New, healthier school lunches are drawing mixed reviews from students in L’Anse Creuse Public Schools.
Schools nationwide altered menus for the 2012-13 year to fit federal guidelines aimed at trimming the fat from school meals.
While some students are tolerating the lunch changes, some younger LCPS students are throwing their vegetables in the trash, said Teresa Arnold, Sodexo school services general manager.
Chesterfield Elementary student Morgan Freshney said she sees unwanted foods, such as baked and refried beans, abandoned in the trash at her school.
“They give you vegetables every time you get lunch now," the fifth-grader said. “(Some students say) our cafeteria wastes all the food because no one really eats it.”
But High School North freshman Tim Doto said he buys lunch at school every day and thinks the changes have improved school lunches since last year.
“I have no complaints about the attempts to make portions healthier,” Doto said. “I usually would get fruit on the side of my lunch throughout my days in school.”
U.S. Department of Agriculture standards implemented this year are designed to improve students’ health and nutrition by:
- Offering fruits and vegetables daily
- Offering more whole grains
- Limiting calories and portion sizes
- Reducing sodium and saturated fat levels in school meals
Still, Freshney said she and some classmates prefer the old school lunches.
“(Some students say) they wish it was like last year and they don’t like it anymore,” she said. “They got rid of the cheese-stuffed (pizza) crust. Everyone likes the crust from last year.”
Despite the changes, Arnold said the district this year has served about the same number of meals as last year.
Doto added, “Most people get lunch, more so than those that bring their own – at least in my lunch period.”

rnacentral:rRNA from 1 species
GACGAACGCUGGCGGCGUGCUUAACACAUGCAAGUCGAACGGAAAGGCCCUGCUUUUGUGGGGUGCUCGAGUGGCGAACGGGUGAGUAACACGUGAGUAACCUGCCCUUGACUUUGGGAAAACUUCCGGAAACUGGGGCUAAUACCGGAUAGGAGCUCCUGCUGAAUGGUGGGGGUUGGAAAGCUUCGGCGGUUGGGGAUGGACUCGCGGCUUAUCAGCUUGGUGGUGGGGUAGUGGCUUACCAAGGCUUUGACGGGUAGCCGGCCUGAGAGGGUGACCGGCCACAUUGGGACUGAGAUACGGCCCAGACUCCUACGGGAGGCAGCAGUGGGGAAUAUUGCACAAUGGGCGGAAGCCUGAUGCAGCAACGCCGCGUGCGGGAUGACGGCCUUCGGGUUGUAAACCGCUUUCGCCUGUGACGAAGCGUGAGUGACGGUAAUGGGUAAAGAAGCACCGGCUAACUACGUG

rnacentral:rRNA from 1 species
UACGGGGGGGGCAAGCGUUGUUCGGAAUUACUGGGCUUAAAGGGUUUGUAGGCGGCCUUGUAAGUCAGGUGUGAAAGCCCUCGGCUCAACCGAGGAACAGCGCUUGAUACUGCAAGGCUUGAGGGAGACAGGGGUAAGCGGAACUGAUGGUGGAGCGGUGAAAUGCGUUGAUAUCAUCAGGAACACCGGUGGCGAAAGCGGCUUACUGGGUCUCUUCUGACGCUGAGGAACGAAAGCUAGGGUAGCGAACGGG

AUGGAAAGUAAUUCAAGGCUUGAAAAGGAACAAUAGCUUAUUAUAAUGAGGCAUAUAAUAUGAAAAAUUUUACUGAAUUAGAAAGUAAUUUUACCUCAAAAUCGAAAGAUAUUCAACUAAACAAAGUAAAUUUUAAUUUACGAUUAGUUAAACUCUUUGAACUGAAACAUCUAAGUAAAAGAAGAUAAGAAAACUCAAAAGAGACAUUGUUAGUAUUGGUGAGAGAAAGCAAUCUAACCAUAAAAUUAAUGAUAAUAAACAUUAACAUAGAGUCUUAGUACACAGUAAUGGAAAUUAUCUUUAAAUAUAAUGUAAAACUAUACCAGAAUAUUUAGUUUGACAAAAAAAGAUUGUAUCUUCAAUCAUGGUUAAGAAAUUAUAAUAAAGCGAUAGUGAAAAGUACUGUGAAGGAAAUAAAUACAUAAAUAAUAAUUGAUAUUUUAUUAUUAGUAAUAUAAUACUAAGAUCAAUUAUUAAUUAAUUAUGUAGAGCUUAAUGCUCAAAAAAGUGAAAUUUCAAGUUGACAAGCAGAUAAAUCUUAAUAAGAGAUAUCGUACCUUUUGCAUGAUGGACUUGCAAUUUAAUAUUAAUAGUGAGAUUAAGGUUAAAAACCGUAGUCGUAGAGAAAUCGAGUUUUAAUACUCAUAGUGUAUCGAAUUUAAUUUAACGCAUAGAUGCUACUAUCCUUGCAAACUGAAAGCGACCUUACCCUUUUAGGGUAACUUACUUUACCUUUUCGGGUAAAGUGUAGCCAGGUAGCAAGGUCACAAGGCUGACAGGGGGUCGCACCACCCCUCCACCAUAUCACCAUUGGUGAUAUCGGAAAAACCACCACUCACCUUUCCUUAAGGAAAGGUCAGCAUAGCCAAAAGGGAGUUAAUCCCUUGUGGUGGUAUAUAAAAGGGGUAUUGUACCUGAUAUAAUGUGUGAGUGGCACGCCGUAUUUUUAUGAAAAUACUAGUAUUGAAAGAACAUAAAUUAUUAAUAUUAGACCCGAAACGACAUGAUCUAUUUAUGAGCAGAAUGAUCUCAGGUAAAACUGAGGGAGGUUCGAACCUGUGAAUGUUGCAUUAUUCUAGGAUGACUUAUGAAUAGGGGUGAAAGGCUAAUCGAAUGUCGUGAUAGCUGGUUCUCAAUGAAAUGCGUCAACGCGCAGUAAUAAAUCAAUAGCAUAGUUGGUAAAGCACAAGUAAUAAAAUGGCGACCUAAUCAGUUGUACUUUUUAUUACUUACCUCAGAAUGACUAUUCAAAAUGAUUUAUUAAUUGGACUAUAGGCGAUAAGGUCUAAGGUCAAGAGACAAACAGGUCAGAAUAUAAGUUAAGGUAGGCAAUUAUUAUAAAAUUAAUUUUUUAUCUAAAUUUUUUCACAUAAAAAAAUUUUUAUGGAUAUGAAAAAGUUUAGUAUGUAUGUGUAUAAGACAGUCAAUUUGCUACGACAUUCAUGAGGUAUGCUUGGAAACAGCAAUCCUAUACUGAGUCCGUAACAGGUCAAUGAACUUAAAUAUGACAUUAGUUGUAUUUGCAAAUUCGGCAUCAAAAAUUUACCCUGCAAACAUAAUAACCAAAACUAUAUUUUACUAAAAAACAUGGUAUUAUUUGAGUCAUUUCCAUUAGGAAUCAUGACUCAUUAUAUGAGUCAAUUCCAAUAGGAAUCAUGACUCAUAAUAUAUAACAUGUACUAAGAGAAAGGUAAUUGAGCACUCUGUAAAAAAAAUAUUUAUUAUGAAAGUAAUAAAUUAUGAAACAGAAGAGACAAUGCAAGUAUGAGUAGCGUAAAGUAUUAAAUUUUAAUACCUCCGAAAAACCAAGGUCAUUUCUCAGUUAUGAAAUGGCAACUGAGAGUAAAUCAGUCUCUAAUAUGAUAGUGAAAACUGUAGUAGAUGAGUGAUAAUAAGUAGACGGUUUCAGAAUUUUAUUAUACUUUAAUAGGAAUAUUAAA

Next year’s school lunch changes
The USDA school meal standards will be phased in during the next few years.
Arnold noted the following changes to school meals coming next year:
- All grains will be whole grain rich
- Frozen fruit with no added sugar will be offered
- Changes to breakfasts will require certain amounts of grains and at least one cup of fruit per day
- New requirements for competitive foods, foods sold during meal periods and a la carte sales
USDA provides funding to help schools meet standards
Michigan schools will get nearly $333,500 in funding to help them meet meal requirements, provide nutrition education and extend training to foodservice professionals, the USDA announced Sept. 14.
The “team nutrition training grants” will also help structure cafeterias in a way that encourages students to select healthy foods.
The grants are available Sept. 30, 2012 through Sept. 30, 2014 and are funded through the 2010 Healthy, Hunger-Free Kids Act, according to the USDA press release.
The Agriculture Department plans to distribute a total of $5.2 million to 18 states and U.S. territory Guam.